The British Raj was marching forward: Punjab captured after
a bloody battle; Manora breached with a burst of cannon; and
the impassable Baluchistan chained by steel railings. The narrow
defile was troubling the British road engineer. Not that he was
short of materials, nor had the men revolted, nor was he lacking
in technology. But a dead man had halted him.
The frontier was in flames; the ferocious fighters were giving stiff
resistance to the invaders, who were fewer in number but more
in iron, gold, and guile.
The Great Game was on. The tanks, trucks and trailers needed to
roll to the far frontier towards which the road stretched steadily.
Nothing could halt it except the dead Baba sleeping peacefully
in his grave.
The engineer was worried; the narrow mountain pass gave him
no alternative but to run the road over the grave. But that spelled
big trouble. The devoted disciples would take up arms if he did
so. It would be a terrible loss of time, men, and the Game.
The fat Malik shook hands with the political agent, his stomach
heavy with roasted lamb and his pockets with the Crown’s
The drummer called the whole village to Malik’s dera to listen to
his dream. ‘Baba is happy; he is very near to God, you will have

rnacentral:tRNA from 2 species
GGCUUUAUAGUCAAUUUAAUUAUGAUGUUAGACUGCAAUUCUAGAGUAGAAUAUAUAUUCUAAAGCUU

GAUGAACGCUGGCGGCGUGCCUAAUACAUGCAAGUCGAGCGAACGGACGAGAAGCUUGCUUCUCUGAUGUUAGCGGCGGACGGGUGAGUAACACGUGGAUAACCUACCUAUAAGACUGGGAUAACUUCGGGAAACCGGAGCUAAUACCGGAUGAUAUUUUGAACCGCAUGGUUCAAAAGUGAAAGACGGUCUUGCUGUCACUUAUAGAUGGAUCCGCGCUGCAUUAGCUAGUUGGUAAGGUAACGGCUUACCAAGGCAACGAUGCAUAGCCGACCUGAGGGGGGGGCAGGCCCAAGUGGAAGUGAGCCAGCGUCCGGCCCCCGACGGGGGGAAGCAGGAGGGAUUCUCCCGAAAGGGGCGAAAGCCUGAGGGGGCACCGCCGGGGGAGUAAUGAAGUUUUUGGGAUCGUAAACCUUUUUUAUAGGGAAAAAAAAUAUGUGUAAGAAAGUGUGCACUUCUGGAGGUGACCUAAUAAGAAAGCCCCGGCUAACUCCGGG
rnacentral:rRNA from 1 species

a bumper tobacco crop this season.’
The drummer called again the following week. ‘Baba has
forestalled the drought that was heading towards your village.
It’s going to the Khattak Killi now.’
‘Baba has saved us,’ the scared villagers proclaimed in desolate
Baba frequently graced Malik with his exalted presence. The
grave became alive with people and their garlands, ghee, and
goats: a small price for securing a sweet future.
Sadness had gripped the village. Baba had not appeared in Malik
Sahib’s dream. The people were sad and scared. All their high
hopes seemed to have been dashed.
‘Please ask the reason for his absence. We would do anything to
please him,’ the scared villagers requested of the Malik.
Tension deepened with each passing day. At the deepest point of
desperation the drum beat made them run towards Malik’s dera.
‘Baba is angry,’ Malik proclaimed. The villagers were terrified.
‘What can we do to please him? Our life, belongings, property . . .
what does he want?’
‘Nothing,’ replied Malik. ‘Baba is beyond these trivialities. It’s
his calm and peace of which you people have robbed him. The
cool, quiet place where you buried him has been spoiled by the
crowds and cacophony. How can he pray for your trade if your
caravans spit sand on his grave and spoil the serenity? It’s no
longer the peaceful abode that it used to be.
Now lift me up and take me to the orchard that is at the foothills of the mountain. This
is the commandment from Baba.’
A great ceremony was held. With much reverence the grave was
opened and the coffin taken out and buried in the desired place
with great solemnity.
Everyone was happy, most of all, the British engineer whose road
started rolling once again.
This story by my friend was given award and selected for publication by Oxford Press. Book being Launched in Lit Festival Karachi on Feb 7, 2014. Congratulation Husain Qazi.
Labels: Literature, Short Story
posted by S A J Shirazi @ Wednesday, January 22, 2014,
The short story is based on a true incident and highlights our local psyche and the strategic communication through which it was dealt appropriately by the Raj.
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